Last week was a big week for Congressman Andy Harris (R-MD). On Thursday he was appointed to the House Appropriations Committee, being the only person from Maryland and the only physician on the committee.
(Baltimore Sun)“His commitment to responsible federal spending will serve the committee well as we navigate the uncharted waters of this precarious fiscal situation,” House Appropriations Committee Hal Rogers, a Kentucky Republican, said in a statement.
Then on Saturday, Cong. Harris hosted a townhall in Ocean City, MD. I was very pleased to see a standing room only crowd.
The hotel had to take down a partition wall to allow more people to filter in and several seats were added. It was a cold day with snow pending in the afternoon, but that didn’t stop folks from turning out to see what the Congressman had to say regarding the 2nd Amendment and the current gun control debate.
Harris begun the discussion by emphasizing that we should not politicize the issue. He reminded us that we already have background checks in Maryland and we have to fix the background check process and follow up before we can go any further. I for one, was surprised and pretty alarmed at some of the statistics he mentioned. If you’d like to delve into the Department of Justice report he referenced further, you can do so here.
Here are a few statistics I wanted to share with you.
- In 2010, the FBI reported a little over 6 million background checks were applied for. Only 72,659 (1.2% were denied) In Maryland specifically.
- Of those 72, 659, 47.4% were denied due to a felony conviction. 19.1 % were denied because they were fugitives.
- Of those applicants that were denied due to felonies or being a fugitive, only 4,732 or 6.2% were referred to the FBI for investigation. That makes 89.6% NOT referred to the field.
- A statistic that Harris didn’t mention, but one that is particularly important to me is this one: of those referred to ATF field divisions, 1,395 or 29.5% were referred because of the applicants being subject to a protective order.
- Now we get the particularly discouraging aspect of these statistics. Of those referrals, only 62 prosecutions, 13 convictions.
- How many of those convictions were for falsifying information? 1.
- Of those 13 convictions, how many occurred crime rate cities? Zero. The Congressman emphasized that this is a primary area we need to fix.
Cong. Harris told the standing room only crowd that “until we use background checks as deterrents, what sounds good on paper isn’t going to accomplish much.”
Another important fact he mentioned was the overwhelming number, 2/3′s of the deaths that occur by guns, are suicides. If we want to stop violence by handguns, we must look at the mental health issue. While speaking about mental health treatment, Harris also brought up the excellent point that we need to find balance.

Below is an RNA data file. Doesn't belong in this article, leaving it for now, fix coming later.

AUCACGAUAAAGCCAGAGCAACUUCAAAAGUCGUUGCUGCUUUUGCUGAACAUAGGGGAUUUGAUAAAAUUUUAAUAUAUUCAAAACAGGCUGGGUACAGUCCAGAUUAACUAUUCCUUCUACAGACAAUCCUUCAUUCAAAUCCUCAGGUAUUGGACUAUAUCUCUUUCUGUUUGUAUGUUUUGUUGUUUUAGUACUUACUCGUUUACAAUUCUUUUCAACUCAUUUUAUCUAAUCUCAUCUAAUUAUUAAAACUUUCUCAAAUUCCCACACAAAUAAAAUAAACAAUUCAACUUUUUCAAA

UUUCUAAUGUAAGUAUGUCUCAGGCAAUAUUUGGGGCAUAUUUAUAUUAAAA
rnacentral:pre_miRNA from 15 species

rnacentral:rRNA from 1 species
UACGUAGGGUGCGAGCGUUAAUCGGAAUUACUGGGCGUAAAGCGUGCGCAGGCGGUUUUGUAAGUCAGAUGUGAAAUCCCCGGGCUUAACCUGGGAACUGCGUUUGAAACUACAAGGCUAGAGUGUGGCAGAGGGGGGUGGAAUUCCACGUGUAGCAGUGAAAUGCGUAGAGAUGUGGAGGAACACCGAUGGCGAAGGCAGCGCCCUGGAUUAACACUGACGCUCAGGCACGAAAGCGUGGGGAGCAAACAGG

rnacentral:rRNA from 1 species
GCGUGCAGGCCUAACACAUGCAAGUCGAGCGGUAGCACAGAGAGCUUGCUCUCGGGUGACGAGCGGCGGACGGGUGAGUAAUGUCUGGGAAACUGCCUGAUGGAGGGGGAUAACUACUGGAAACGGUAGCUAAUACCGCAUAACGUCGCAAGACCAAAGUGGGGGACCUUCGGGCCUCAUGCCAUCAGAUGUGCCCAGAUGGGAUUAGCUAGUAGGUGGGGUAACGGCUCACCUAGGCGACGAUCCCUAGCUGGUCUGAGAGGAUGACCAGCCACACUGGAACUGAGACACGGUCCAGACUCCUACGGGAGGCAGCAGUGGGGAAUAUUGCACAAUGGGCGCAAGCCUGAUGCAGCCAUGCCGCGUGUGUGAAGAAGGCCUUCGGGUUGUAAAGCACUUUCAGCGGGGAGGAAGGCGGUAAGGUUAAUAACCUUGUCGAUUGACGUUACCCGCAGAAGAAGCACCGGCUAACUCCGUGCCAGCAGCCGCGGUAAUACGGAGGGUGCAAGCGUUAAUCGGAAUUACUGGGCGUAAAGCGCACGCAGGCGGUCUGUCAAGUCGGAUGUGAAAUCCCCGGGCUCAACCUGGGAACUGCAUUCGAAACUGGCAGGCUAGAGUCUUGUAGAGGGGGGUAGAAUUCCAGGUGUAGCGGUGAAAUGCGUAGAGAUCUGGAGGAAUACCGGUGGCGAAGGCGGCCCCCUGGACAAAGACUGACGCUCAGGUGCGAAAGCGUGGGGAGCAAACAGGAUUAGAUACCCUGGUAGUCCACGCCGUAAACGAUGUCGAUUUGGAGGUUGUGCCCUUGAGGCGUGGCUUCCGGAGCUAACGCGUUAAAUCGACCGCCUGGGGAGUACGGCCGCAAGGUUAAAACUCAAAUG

While Maryland needs to improve their rating regarding reporting mental health issues on gun checks, we have to make sure we’re not stigmatizing those that seek help. It has been clear to me since the beginning of this debacle, that mental health needs to be a key component in the gun control debate and I certainly hope our legislators don’t limit their focus.
Delegate Mike McDermott then spoke and gave us updates on our Maryland bill, SB 281 which is slated for a vote later this week. McDermott told the crowd that Maryland continues to be the “tip of the spear”, not only with property rights (ie: SB 286) but now the 2nd Amendment. McDermott serves on the judiciary committee and on the Speaker’s special work group, which is composed of 15 Democrats and 2 Republicans. McDermott expressed frustration at the fact that there are “folks that know nothing about firearms, that are crafting bills on firearms.”
McDermott also offers weekly legislative updates on his website and for the one dated last week, he pointed out that the Gun Bill Work Group met with State Superintendent of Schools, Lillian Lowery and some of her staff. While many on the left promote gun control as a means of increasing safety for our children in their schools, I find it particularly interesting that providing protection through trained personnel with firearms was rejected, as well as the use of electronic control devices. The SBOE also rejected the idea of allowing off duty law enforcement or retirees from having restrictions lifted so they could carry on campuses across the state.
On his most recent update, McDermott states,
“I am always fascinated by folks like this who reject proposals that would merely allow them some more options, simply because they do not agree with the premise. It disturbs me that those who are charged with providing a safe environment for our children, refuse to do the one thing that would provide some reasonable measure of protection beyond a locked door.”
While there was some diversity in the crowd, including one woman in an “Assault Weapons – Ban Them” t-shirt, the crowd was largely pro-2nd Amendment. Regarding the school safety issue, one young lady that raised her hand during the Q&A session was a 15 year old high school student. Cong. Harris walked over and asked her, “What would you feel safer?” Her answer? Having an armed presence in her school. I commend Del. McDermott for walking over to that young lady and personally handing her his card.
Overall, the townhall was a lively discussion, which went 30 minutes over the scheduled time. There is much passion surrounding this debate, and it is my hope that it fosters healthy and intelligent dialogue and not the furthering of an ideology based on fear tactics and lack of credible facts.
Cross posted on Watchdog Wire.